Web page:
Great articles on other sites
- Sydney Opal card travel history can be accessed by police
- NBN analysis 'like foxes reviewing the hen house': Clare
- Call made to end inflight phone ban
- Australian government undoing profit shifting clamp down: Labor
- National security law reforms
- Victorian Government calls for contributions to shape Victoria’s digital economy
- Will IBM pip Azure at the Aussie cloud post?
- Competition watchdog should break up Foxtel monopoly: Ludlam
- Susan Sly gives up on the CIO game
- Vic Labor puts its support behind mobile police
Fake News - Written by Renai LeMay on Tuesday, September 25, 2012 13:01 - 54 Comments
Five reasons to block Woz’s Australian citizenship
just trolling A number of media outlets have reported this week that Apple co-founder and global technology sector luminary Steve Wozniak is attempting to become an Australian citizen. But is this really a good idea? Here’s five reasons why we should stop the Woz at the border and send him packing back to his home country of the United States.
He believes the NBN is a good idea: Wozniak told the Australian Financial Review newspaper this week that he supported Labor’s National Broadband Network project and was one of the reasons why he wanted to become an Australian – because the US’s deregulation of its telecommunications industry had led to poor outcomes for consumers.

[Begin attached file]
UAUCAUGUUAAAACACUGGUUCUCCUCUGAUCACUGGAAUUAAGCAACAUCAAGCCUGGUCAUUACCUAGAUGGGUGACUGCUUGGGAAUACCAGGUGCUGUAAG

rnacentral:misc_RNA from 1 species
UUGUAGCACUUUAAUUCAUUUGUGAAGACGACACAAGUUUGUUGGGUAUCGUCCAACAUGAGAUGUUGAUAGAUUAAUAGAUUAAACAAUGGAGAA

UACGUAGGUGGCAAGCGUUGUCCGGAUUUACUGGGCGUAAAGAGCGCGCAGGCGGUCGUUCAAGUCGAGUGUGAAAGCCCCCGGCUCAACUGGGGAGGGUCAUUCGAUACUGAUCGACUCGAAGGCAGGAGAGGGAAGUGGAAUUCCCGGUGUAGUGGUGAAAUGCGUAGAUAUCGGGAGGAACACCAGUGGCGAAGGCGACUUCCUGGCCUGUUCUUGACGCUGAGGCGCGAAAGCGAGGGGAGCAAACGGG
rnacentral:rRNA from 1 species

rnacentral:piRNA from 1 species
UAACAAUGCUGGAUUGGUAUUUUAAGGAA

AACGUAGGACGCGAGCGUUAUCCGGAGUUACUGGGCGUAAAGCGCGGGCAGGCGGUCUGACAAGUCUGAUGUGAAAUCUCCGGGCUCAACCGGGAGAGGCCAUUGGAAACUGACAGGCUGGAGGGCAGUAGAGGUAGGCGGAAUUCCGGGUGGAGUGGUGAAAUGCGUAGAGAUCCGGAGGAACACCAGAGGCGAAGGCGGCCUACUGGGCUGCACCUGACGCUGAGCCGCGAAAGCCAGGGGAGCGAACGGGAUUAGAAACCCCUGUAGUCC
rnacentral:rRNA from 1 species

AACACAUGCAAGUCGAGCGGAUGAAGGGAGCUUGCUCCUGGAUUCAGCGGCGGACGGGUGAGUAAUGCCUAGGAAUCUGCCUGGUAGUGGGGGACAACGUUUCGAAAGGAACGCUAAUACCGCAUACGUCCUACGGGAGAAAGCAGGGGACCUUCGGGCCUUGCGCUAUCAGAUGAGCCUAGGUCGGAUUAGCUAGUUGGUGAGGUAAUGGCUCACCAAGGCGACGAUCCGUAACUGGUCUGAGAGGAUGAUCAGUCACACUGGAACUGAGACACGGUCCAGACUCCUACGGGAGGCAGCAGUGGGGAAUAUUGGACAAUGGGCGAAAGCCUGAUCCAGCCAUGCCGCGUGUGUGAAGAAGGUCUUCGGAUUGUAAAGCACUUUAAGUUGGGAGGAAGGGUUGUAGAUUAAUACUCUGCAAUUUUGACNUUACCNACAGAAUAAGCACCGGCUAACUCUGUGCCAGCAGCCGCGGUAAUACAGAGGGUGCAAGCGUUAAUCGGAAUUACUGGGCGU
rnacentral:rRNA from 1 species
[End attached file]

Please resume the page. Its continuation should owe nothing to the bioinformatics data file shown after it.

Well, given the Financial Review’s history criticising the NBN recently, this must have been like waving a red flag at a bull, and we bet if Woz should move to Australia, that the rest of Australia’s conservative mainstream media outlets would also jump on to slam the Apple founder on a daily basis. Despite the technical benefits universal fibre will bring to Australia – benefits obvious to a tech visionary like Woz – and its mass popularity, the project’s not in vogue with the Coalition and much of the media at the moment. Woz is clearly out of step with Australian society and shouldn’t be allowed in.
He’s jumping the queue: Woz has consistently demonstrated a commitment to lining up for things over the past few years. Every time his Alma Mater Apple releases a new product, Woz hits up the closest Apple store (for the iPhone 5 it was Chermside in Brisbane) to chat with the locals and wait for his turn to purchase an Apple gadget. But when it comes to Australia’s immigration queue, Woz appears to be trying to game the system.